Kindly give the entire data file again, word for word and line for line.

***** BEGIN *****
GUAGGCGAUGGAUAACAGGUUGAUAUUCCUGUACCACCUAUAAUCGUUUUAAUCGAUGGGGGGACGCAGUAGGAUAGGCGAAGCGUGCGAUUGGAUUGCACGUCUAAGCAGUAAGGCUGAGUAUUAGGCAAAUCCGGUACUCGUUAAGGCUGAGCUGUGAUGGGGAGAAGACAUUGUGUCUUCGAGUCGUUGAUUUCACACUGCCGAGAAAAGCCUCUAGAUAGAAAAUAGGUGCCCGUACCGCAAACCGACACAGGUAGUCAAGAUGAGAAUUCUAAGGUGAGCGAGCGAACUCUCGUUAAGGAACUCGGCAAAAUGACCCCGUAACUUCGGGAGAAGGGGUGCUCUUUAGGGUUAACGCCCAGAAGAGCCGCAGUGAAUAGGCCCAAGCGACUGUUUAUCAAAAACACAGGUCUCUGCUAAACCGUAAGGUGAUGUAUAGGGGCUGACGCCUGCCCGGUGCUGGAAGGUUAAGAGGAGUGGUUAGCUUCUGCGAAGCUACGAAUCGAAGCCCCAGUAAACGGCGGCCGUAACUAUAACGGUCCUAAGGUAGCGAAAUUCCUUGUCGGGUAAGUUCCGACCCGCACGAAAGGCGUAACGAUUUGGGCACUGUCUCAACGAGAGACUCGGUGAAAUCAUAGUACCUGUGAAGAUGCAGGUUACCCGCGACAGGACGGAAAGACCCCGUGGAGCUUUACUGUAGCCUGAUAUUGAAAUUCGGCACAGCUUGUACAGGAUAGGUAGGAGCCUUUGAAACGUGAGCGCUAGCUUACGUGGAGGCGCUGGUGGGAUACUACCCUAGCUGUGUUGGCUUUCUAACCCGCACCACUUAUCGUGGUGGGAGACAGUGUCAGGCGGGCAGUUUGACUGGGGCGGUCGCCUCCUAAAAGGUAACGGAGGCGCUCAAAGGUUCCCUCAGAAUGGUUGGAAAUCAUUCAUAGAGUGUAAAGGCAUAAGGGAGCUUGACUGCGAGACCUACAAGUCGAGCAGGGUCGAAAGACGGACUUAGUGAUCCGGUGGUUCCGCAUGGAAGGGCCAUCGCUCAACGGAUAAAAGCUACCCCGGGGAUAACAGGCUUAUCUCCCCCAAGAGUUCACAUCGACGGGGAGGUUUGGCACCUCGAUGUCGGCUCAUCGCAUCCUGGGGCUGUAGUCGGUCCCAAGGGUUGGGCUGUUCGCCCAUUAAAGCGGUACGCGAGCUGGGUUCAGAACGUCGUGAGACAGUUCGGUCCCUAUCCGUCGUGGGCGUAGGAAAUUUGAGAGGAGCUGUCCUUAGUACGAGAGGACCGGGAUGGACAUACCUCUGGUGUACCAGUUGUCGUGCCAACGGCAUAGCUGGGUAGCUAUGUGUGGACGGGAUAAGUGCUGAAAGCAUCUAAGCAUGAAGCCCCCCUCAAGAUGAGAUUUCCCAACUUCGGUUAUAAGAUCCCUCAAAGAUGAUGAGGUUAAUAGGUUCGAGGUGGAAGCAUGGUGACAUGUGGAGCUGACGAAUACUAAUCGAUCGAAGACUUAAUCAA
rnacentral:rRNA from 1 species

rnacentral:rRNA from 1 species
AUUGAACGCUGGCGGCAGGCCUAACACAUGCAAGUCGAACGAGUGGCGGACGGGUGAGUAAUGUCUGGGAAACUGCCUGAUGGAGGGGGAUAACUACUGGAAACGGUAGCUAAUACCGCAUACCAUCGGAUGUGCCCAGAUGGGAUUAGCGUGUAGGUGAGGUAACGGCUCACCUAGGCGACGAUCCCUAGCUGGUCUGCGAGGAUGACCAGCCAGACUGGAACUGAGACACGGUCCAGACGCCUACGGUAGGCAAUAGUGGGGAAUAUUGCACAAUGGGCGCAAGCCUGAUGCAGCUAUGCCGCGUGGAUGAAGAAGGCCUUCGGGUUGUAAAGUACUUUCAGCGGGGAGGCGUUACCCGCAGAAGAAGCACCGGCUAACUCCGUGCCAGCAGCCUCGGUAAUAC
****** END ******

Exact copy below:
GUAGGCGAUGGAUAACAGGUUGAUAUUCCUGUACCACCUAUAAUCGUUUUAAUCGAUGGGGGGACGCAGUAGGAUAGGCGAAGCGUGCGAUUGGAUUGCACGUCUAAGCAGUAAGGCUGAGUAUUAGGCAAAUCCGGUACUCGUUAAGGCUGAGCUGUGAUGGGGAGAAGACAUUGUGUCUUCGAGUCGUUGAUUUCACACUGCCGAGAAAAGCCUCUAGAUAGAAAAUAGGUGCCCGUACCGCAAACCGACACAGGUAGUCAAGAUGAGAAUUCUAAGGUGAGCGAGCGAACUCUCGUUAAGGAACUCGGCAAAAUGACCCCGUAACUUCGGGAGAAGGGGUGCUCUUUAGGGUUAACGCCCAGAAGAGCCGCAGUGAAUAGGCCCAAGCGACUGUUUAUCAAAAACACAGGUCUCUGCUAAACCGUAAGGUGAUGUAUAGGGGCUGACGCCUGCCCGGUGCUGGAAGGUUAAGAGGAGUGGUUAGCUUCUGCGAAGCUACGAAUCGAAGCCCCAGUAAACGGCGGCCGUAACUAUAACGGUCCUAAGGUAGCGAAAUUCCUUGUCGGGUAAGUUCCGACCCGCACGAAAGGCGUAACGAUUUGGGCACUGUCUCAACGAGAGACUCGGUGAAAUCAUAGUACCUGUGAAGAUGCAGGUUACCCGCGACAGGACGGAAAGACCCCGUGGAGCUUUACUGUAGCCUGAUAUUGAAAUUCGGCACAGCUUGUACAGGAUAGGUAGGAGCCUUUGAAACGUGAGCGCUAGCUUACGUGGAGGCGCUGGUGGGAUACUACCCUAGCUGUGUUGGCUUUCUAACCCGCACCACUUAUCGUGGUGGGAGACAGUGUCAGGCGGGCAGUUUGACUGGGGCGGUCGCCUCCUAAAAGGUAACGGAGGCGCUCAAAGGUUCCCUCAGAAUGGUUGGAAAUCAUUCAUAGAGUGUAAAGGCAUAAGGGAGCUUGACUGCGAGACCUACAAGUCGAGCAGGGUCGAAAGACGGACUUAGUGAUCCGGUGGUUCCGCAUGGAAGGGCCAUCGCUCAACGGAUAAAAGCUACCCCGGGGAUAACAGGCUUAUCUCCCCCAAGAGUUCACAUCGACGGGGAGGUUUGGCACCUCGAUGUCGGCUCAUCGCAUCCUGGGGCUGUAGUCGGUCCCAAGGGUUGGGCUGUUCGCCCAUUAAAGCGGUACGCGAGCUGGGUUCAGAACGUCGUGAGACAGUUCGGUCCCUAUCCGUCGUGGGCGUAGGAAAUUUGAGAGGAGCUGUCCUUAGUACGAGAGGACCGGGAUGGACAUACCUCUGGUGUACCAGUUGUCGUGCCAACGGCAUAGCUGGGUAGCUAUGUGUGGACGGGAUAAGUGCUGAAAGCAUCUAAGCAUGAAGCCCCCCUCAAGAUGAGAUUUCCCAACUUCGGUUAUAAGAUCCCUCAAAGAUGAUGAGGUUAAUAGGUUCGAGGUGGAAGCAUGGUGACAUGUGGAGCUGACGAAUACUAAUCGAUCGAAGACUUAAUCAA
rnacentral:rRNA from 1 species

rnacentral:rRNA from 1 species
AUUGAACGCUGGCGGCAGGCCUAACACAUGCAAGUCGAACGAGUGGCGGACGGGUGAGUAAUGUCUGGGAAACUGCCUGAUGGAGGGGGAUAACUACUGGAAACGGUAGCUAAUACCGCAUACCAUCGGAUGUGCCCAGAUGGGAUUAGCGUGUAGGUGAGGUAACGGCUCACCUAGGCGACGAUCCCUAGCUGGUCUGCGAGGAUGACCAGCCAGACUGGAACUGAGACACGGUCCAGACGCCUACGGUAGGCAAUAGUGGGGAAUAUUGCACAAUGGGCGCAAGCCUGAUGCAGCUAUGCCGCGUGGAUGAAGAAGGCCUUCGGGUUGUAAAGUACUUUCAGCGGGGAGGCGUUACCCGCAGAAGAAGCACCGGCUAACUCCGUGCCAGCAGCCUCGGUAAUAC